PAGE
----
Johnny Weaver

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Wrestler Johnny Weaver dead at 72
By Cleve Wootson
Observer Staff Writer
Johnny Weaver, a Charlotte wrestler who mastered the Sleeper hold, died Friday of natural causes. He was 72.
Weaver, who later became a Mecklenburg Sheriff's deputy, was found in his home by fellow deputies after he didn't show up for work on Friday. Funeral arrangements had not been finalized by Friday night.
Weaver, who started wrestling in 1955, often fought in the old Charlotte Coliseum and in the 1960s and 1970s went up against foes like Baron von Raschke and the Missouri Mauler. He was in the ring in an era when Charlotte was a wrestling capital and performers would drive themselves to matches across the South.
"He was one of us," said George South, who tag-teamed with Weaver in the 1980s and was put in a Sleeper hold by him at a Spartanburg reunion a year ago. "It was nothing to run into him getting a cup of coffee at a gas station."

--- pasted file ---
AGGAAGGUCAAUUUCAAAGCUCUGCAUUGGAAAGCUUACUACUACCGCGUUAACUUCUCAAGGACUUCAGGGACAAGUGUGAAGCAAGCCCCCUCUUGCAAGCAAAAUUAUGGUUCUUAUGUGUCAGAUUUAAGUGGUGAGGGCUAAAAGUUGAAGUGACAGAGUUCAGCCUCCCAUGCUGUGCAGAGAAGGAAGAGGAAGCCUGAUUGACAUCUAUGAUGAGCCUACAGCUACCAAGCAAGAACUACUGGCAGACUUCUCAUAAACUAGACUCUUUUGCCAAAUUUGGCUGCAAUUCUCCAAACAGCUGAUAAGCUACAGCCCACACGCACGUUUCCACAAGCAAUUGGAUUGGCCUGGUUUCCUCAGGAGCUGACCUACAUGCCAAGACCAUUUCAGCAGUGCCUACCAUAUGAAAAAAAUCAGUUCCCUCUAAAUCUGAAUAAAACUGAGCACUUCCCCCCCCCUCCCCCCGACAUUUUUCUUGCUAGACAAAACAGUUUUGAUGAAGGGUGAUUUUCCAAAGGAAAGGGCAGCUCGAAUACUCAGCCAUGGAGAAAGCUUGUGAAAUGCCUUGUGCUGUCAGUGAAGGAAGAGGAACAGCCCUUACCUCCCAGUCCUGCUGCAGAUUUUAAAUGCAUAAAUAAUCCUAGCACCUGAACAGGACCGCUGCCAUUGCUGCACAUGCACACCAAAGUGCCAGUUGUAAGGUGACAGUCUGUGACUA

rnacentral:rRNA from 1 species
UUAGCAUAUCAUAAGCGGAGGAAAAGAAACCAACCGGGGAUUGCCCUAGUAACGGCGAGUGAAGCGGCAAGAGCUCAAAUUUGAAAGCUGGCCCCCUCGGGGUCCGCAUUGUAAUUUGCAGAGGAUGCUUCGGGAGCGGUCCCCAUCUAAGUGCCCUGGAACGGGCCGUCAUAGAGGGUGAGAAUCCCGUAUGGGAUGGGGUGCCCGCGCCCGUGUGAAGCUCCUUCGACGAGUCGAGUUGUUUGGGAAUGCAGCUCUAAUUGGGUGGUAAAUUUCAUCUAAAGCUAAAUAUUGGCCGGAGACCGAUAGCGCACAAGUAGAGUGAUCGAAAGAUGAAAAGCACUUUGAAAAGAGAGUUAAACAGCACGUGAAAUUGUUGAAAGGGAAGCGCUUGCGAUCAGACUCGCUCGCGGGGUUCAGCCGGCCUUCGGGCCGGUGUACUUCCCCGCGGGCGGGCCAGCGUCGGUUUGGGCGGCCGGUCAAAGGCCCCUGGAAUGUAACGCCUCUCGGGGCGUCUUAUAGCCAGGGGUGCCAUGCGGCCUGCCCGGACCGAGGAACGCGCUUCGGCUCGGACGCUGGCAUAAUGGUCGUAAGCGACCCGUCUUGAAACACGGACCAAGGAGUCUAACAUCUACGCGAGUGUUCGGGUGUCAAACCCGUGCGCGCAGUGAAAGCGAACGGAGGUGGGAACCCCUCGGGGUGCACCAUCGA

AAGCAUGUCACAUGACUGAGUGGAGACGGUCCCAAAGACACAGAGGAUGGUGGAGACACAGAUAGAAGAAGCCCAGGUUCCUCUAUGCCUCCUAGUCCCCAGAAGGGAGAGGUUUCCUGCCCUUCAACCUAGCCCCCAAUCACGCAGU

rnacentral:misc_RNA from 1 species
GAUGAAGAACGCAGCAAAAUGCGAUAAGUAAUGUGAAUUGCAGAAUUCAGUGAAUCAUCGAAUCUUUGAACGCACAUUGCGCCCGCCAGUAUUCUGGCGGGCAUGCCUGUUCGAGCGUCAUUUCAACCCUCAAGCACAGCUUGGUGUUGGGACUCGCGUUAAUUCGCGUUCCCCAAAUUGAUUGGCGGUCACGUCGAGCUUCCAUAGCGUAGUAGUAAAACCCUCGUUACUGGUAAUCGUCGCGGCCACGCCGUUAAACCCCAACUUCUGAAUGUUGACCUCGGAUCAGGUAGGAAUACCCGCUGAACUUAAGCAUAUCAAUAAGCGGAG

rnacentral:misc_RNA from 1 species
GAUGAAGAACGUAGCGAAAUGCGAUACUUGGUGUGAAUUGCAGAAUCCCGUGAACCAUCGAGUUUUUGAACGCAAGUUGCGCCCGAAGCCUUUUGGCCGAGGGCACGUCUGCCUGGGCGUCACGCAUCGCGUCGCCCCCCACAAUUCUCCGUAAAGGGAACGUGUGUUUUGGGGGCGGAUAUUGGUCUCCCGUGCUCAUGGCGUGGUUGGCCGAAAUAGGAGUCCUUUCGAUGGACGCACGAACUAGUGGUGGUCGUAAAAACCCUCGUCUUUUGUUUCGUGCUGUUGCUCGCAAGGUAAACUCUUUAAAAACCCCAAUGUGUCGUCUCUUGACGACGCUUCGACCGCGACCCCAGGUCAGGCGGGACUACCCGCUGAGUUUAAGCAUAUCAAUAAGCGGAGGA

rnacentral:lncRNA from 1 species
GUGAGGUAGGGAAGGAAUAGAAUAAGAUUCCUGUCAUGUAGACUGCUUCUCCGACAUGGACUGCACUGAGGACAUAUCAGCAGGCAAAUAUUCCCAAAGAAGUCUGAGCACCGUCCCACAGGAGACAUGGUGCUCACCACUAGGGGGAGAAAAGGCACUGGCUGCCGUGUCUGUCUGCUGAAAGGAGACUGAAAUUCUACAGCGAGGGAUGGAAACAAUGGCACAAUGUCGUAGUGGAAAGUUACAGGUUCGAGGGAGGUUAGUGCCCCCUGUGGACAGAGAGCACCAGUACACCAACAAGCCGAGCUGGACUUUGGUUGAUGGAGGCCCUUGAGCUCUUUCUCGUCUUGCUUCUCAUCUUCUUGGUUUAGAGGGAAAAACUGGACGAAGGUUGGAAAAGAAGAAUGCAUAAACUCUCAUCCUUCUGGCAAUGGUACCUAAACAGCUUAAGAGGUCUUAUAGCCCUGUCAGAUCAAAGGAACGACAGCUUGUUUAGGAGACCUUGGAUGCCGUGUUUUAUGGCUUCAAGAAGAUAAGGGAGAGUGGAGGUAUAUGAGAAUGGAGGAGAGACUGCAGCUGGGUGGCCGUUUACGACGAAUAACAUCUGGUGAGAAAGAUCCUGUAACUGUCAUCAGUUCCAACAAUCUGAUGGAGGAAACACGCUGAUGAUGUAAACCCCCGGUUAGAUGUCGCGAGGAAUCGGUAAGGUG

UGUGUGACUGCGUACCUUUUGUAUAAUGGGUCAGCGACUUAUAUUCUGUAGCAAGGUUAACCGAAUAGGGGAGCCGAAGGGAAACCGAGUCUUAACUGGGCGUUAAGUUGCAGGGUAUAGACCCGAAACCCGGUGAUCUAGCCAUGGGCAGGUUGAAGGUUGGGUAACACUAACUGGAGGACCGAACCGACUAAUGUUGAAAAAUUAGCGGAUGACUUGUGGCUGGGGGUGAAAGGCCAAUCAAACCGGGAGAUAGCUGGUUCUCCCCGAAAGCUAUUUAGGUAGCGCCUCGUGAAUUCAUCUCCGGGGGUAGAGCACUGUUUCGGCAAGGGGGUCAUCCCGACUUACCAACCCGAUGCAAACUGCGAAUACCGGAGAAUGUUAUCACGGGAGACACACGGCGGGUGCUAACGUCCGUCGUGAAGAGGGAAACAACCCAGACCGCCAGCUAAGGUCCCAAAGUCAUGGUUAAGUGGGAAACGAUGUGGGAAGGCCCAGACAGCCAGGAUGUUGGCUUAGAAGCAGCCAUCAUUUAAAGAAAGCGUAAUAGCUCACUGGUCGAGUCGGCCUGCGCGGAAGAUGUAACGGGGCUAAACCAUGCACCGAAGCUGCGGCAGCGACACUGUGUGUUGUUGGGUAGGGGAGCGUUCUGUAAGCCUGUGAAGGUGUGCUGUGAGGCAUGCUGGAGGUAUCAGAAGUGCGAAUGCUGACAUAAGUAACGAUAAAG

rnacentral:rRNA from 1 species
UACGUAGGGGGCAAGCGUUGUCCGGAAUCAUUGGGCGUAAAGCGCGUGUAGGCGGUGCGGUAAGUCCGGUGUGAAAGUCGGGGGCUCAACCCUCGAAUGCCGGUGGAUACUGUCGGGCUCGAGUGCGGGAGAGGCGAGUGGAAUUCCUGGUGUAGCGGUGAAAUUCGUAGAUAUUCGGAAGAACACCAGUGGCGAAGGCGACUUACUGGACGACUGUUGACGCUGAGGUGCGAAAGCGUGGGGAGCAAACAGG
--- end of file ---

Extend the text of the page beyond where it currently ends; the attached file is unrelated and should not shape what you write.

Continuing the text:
In his 50s, Weaver became one of the oldest people to take the basic law enforcement test and ultimately joined the sheriff's office. He spent most of his 19-year career transporting prisoners on the same back roads he'd traveled as a wrestler and promoter, colleagues say.
"Anytime we'd need to go anywhere, we'd ask Johnny," said Capt. Mike Smith. "If you needed to get from Surry County to Buncombe County, Johnny could tell you how to get there. And he could probably tell you where to eat along the way."
Capt. Jeff Eason said many in the sheriff's office grew up watching the wrestler on Saturday mornings and Sunday nights.
"We'd been watching Johnny for years," he said. "He called everyone 'kid.'
" 'Hey, kid this' and 'hey, kid that.' That was his thing. If he was ever in a bad mood you'd never know."
Published in Charlotte Observer from Feb. 15 to Feb. 20, 2008
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